Smelting: gerund, the act of catching smelt (a small Great Lakes fish) by dipping a bucket in the water during the smelt run season: ex. Smelting is like shooting fish in a barrel.
Sometimes it’s too easy. You see, when you criticize someone for being wrong, that’s one thing, but when you imply that they are wrong because their entire world-view is incorrect, well, sometimes you get a response.
In a piece last week I was very critical of a new diet and it’s creator, and she apparently watches the web, because she came by to comment.
From reading her website and her comment, I get the distinct impression that, like many people, she is sincere in her wrongness, and probably a good person as well. But as we’ve discussed before, being sincere does not excuse someone from ethical culpability.
As you recall, I criticized her, perhaps too broadly (and perhaps not) for claiming that INFLAMMATION was the ONE CAUSE OF ALL DISEASE, and that her special diet could fix that. Of course, as far as she is concerned, her ideas are far more nuanced, so let’s let her speak for herself and see where I got it wrong.
PalMD implies that I claim that inflammation is the root of all disease. In fact, I titled an article “Inflammation: The Root of All Disease?” The question mark specifically alludes to and challenges some of the more breathless reporting on the topic from the mainstream media.
If you read more than a line or two of what I’ve written on the subject (including punctuation), I think you’ll find my views to be a bit more nuanced:
I had not realized that she is actually a skeptic. My apologies. You see, after that all-important question mark, I sensed some of that same very breathlessness that she described, as in this, which immediately follows the question mark:
Hay fever, heart disease, depression, and diabetes…four very different conditions with one common denominator: Inflammation is at the root of all four. And that’s just the beginning!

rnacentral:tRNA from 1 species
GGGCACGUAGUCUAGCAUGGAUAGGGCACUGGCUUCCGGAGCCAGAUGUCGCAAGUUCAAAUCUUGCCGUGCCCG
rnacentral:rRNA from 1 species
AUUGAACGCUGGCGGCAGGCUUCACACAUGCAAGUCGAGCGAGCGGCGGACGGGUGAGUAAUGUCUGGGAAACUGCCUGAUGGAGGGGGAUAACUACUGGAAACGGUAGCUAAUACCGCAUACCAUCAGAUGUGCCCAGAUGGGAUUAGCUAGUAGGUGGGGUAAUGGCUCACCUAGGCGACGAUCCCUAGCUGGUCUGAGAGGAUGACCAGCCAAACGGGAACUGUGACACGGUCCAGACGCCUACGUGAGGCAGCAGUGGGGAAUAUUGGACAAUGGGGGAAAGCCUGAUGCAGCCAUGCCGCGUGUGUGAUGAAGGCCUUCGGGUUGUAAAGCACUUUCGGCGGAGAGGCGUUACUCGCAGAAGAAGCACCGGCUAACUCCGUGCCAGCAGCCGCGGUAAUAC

And I did note the punctuation this time—an exclamation point to be precise, the mark of all thoughtful skeptics. And the next paragraphs do not go on to debunk any hyperbolic claims. Just sayin’. But back to her response.
Of course I don’t suggest that inflammation is the root of all disease. That’s ridiculous. But I do believe that chronic low-level inflammation is a contributing factor to the most common degenerative diseases suffered by Western cultures–heart disease, cancer, dementia, diabetes, obesity, etc. This view is fairly mainstream.
Since the diseases she lists account for most disease in North America, I’m sticking by “root of all disease”, but if you’d like, I can change it to, “the root of 99% of all important disease in North America.” And no, the view you present is not mainstream among those of us who study and treat human disease.
Of course I don’t claim that all inflammation is bad–or the same. Inflammation is a necessary and beneficial part of the immune response. Chronic, unproductive, systemic inflammation, however, is a problem and it is this latter variety that is primarily driven by diet and lifestyle. Again, a widely held view.
Once again, not so much.
If you accept the two previous statements, you might go looking for information on how to modify your diet to one less likely to provoke or exacerbate systemic inflammation. When you do, you’ll quickly find an unwieldy and contradictory set of injunctions: Omega-3 fats are good. Omega-6 fats are bad (sometimes.) Antioxidants are good. Sugar is bad. Fiber is good. Saturated fat is bad. And so on.
These guidelines don’t address the fact that some foods are high in both sugar and antioxidants or both omega-3 and omega 6 fats. They also don’t say much about the effect of single foods in the context of a mixed and varied diet or how to combine “anti-inflammatory foods” into an otherwise balanced, nutritious diet. The rating system that I developed is a proposed solution to these difficulties.
At the very least, following the guidelines outlined in my book results in a healthful and balanced diet that conforms with widely held nutritional principles.
Neither I, nor most physicians accept these statements regarding “inflammation”. Most experts, like you, find that focusing on what Michael Pollan has called “nutritionism” is fatally reductionist. It is a common practice among so-called alternative practitioners to take what is sensible, mainstream advice and sex it up, as your book does. As you say in your final paragraph, what you’re really offering is usual dietary advice, with a patina of improbable claims.
While I don’t necessarily agree with everything he’s written, Pollan’s advice about diet is simple, free, and rather correct: “Eat food. Not too much. Mostly plants.”